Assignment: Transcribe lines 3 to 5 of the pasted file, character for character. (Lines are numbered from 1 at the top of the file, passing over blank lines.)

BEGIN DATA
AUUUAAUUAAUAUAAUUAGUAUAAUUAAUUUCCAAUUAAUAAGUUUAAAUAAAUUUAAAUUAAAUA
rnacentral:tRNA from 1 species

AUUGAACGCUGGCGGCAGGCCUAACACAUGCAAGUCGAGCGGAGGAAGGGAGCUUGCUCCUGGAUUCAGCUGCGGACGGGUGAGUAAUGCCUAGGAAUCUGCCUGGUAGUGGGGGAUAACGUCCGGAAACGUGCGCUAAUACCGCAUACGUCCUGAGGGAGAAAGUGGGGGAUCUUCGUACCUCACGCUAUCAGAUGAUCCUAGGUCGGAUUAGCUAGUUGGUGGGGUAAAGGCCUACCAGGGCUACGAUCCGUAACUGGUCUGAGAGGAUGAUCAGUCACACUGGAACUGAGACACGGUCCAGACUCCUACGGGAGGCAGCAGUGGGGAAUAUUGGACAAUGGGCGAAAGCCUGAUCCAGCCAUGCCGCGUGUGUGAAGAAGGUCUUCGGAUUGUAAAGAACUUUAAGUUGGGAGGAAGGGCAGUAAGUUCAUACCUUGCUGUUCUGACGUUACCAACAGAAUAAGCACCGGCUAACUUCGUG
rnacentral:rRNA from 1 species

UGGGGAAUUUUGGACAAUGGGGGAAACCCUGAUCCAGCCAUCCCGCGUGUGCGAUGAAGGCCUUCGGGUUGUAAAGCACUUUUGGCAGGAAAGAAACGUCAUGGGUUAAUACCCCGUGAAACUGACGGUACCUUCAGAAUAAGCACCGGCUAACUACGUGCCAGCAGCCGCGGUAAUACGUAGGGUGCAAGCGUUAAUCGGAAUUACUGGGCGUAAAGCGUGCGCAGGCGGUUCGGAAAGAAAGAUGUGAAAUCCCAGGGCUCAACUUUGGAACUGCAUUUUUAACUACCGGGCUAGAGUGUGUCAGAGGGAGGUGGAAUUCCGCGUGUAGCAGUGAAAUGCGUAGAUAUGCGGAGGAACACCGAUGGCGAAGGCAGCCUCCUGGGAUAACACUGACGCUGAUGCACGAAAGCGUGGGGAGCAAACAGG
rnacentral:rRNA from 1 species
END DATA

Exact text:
AUUGAACGCUGGCGGCAGGCCUAACACAUGCAAGUCGAGCGGAGGAAGGGAGCUUGCUCCUGGAUUCAGCUGCGGACGGGUGAGUAAUGCCUAGGAAUCUGCCUGGUAGUGGGGGAUAACGUCCGGAAACGUGCGCUAAUACCGCAUACGUCCUGAGGGAGAAAGUGGGGGAUCUUCGUACCUCACGCUAUCAGAUGAUCCUAGGUCGGAUUAGCUAGUUGGUGGGGUAAAGGCCUACCAGGGCUACGAUCCGUAACUGGUCUGAGAGGAUGAUCAGUCACACUGGAACUGAGACACGGUCCAGACUCCUACGGGAGGCAGCAGUGGGGAAUAUUGGACAAUGGGCGAAAGCCUGAUCCAGCCAUGCCGCGUGUGUGAAGAAGGUCUUCGGAUUGUAAAGAACUUUAAGUUGGGAGGAAGGGCAGUAAGUUCAUACCUUGCUGUUCUGACGUUACCAACAGAAUAAGCACCGGCUAACUUCGUG
rnacentral:rRNA from 1 species

UGGGGAAUUUUGGACAAUGGGGGAAACCCUGAUCCAGCCAUCCCGCGUGUGCGAUGAAGGCCUUCGGGUUGUAAAGCACUUUUGGCAGGAAAGAAACGUCAUGGGUUAAUACCCCGUGAAACUGACGGUACCUUCAGAAUAAGCACCGGCUAACUACGUGCCAGCAGCCGCGGUAAUACGUAGGGUGCAAGCGUUAAUCGGAAUUACUGGGCGUAAAGCGUGCGCAGGCGGUUCGGAAAGAAAGAUGUGAAAUCCCAGGGCUCAACUUUGGAACUGCAUUUUUAACUACCGGGCUAGAGUGUGUCAGAGGGAGGUGGAAUUCCGCGUGUAGCAGUGAAAUGCGUAGAUAUGCGGAGGAACACCGAUGGCGAAGGCAGCCUCCUGGGAUAACACUGACGCUGAUGCACGAAAGCGUGGGGAGCAAACAGG